Slider
Slider

|

Slider

OPINION | Governments can’t fix this economic crisis they caused

Editorials & Columns
Typography
  • Smaller Small Medium Big Bigger
  • Default Helvetica Segoe Georgia Times

BEFORE analyzing the emergency plans that the global economy needs, we must remember that, as in the past, the prudence and responsibility of the civil society and businesses will help us to get out of this crisis.

In the face of an unprecedented crisis, we have to be realistic, responsible and cautious.

This is a supply shock added to a mandatory shutdown of the economy. As such, a serious response must be supply-side driven. It is ludicrous to try to stimulate demand with printed money and public spending in a forced lockdown where any extra demand will not drive supply up, even may drive it down.

A mandatory shutdown due to a supply shock is not solved with government spending or demand-side measures. Printing money and lowering rates help the already indebted and governments with already historic-low bond yields, deficits are already going to soar due to automatic stabilizers.

Governments that overspent in growth times, massively increased debt and ignored the pandemic risks only to then create a widespread lockdown cannot present themselves as the solution.

Small and medium enterprises do not need a government to incentivize demand, because this is not a demand problem, the shutdown is imposed by law due to a health epidemic that lawmakers preferred to ignore.

We cannot fall into the trap of believing that what the economy needs is more monetary easing when it fails, and if it does not work then we must try even more monetary insanity.

Monetary insanity is not the solution to monetary excess and lunacy.

It is our duty to warn of the risks of falling into irresponsible optimism, precisely so that we can get out of this crisis sooner and better.

What recovery will there be?

Estimates of economic growth are plummeting at breakneck speed. The closure, albeit temporary, of economic activity, transport and trade, will mean an inevitable recession. The biggest mistake policymakers can make is to believe in a V-shaped recovery. All governments should prepare for an L-shaped recovery. If I am wrong, economies will be stronger anyway, but if I am right, massive stimulus implemented only three weeks after a market all-time high and immense deficit spending policies at the very beginning of a pandemic crisis will cripple the economy to an irreparable situation.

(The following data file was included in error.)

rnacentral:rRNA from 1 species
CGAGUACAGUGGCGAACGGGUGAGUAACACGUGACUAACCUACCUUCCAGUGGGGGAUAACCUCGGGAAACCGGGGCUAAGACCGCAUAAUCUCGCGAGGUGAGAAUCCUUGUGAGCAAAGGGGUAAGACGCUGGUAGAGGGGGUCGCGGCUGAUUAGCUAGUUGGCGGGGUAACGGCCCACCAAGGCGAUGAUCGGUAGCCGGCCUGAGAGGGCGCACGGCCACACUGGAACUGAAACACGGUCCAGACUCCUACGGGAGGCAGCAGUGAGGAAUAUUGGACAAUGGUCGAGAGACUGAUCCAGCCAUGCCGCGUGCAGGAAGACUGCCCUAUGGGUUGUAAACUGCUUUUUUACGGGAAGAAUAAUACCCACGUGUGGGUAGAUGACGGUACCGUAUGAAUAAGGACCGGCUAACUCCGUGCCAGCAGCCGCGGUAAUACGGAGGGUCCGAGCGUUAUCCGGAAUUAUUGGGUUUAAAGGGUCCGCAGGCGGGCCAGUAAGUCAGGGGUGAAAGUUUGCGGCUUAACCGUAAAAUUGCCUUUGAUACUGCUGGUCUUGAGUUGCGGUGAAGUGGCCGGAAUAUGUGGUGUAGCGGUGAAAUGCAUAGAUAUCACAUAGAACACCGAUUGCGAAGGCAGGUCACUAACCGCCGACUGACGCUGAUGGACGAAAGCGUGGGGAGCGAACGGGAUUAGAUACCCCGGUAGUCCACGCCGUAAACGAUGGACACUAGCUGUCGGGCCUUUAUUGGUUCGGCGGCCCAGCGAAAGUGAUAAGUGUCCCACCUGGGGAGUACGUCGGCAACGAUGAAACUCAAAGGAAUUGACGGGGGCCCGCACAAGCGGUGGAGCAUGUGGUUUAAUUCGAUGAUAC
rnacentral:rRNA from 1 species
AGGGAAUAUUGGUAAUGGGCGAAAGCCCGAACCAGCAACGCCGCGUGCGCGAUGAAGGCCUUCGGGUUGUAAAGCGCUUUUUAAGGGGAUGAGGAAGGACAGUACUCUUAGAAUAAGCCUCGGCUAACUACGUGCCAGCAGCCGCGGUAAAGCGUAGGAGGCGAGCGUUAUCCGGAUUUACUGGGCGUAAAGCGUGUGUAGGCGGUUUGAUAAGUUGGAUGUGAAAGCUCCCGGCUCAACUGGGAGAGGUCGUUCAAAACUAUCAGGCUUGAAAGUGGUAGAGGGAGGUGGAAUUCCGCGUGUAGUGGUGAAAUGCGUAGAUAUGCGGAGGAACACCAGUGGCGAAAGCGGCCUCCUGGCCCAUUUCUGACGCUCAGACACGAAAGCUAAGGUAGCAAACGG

Leading economies have a great capacity to face a shock like this. This is not the case in Italy or Spain. Calculations for the United States indicate that unemployment will skyrocket to 6.5 percent, in the case of the United Kingdom to 7 percent and in Germany to 6 percent. In weak and highly intervened economies, the combination of already high unemployment, high debt, and high government spending can lead to a Greece-style crisis when the measures to address a forced shutdown come from more government intervention.

In the eurozone, most of the plans announced by governments are based on three important flaws: Ignore that many countries were already close to a recession in 2019, assume a low-impact parenthesis and estimate a rapid and exponential recovery that will inflict no real damage on employment or public and private accounts.

In the eurozone, Germany, France, Italy, and Spain’s fourth-quarter GDP already reflected a significant slowdown, so the European Commission, ECB and governments’ responses start from the wrong diagnosis: that the problem we are facing is one of demand and access to credit and not of sales collapse due to an imposed lockdown, with an accumulation of tax liabilities and fixed costs.

The United States must avoid making the mistakes that the eurozone nations are already starting to make.

Deadlines

European governments are unwillingly creating a worse long-term impact on the economy by giving citizens unrealistic small doses of negative information and extending lockdowns in fifteen days periods. This is leading to massive cash flow problems all over the economy because businesses find that the support mechanisms only last for a few days while the extension of losses destroys cash flow and balance sheets. Businesses are seeing current invoices delayed or unpaid while orders for November and December are being canceled.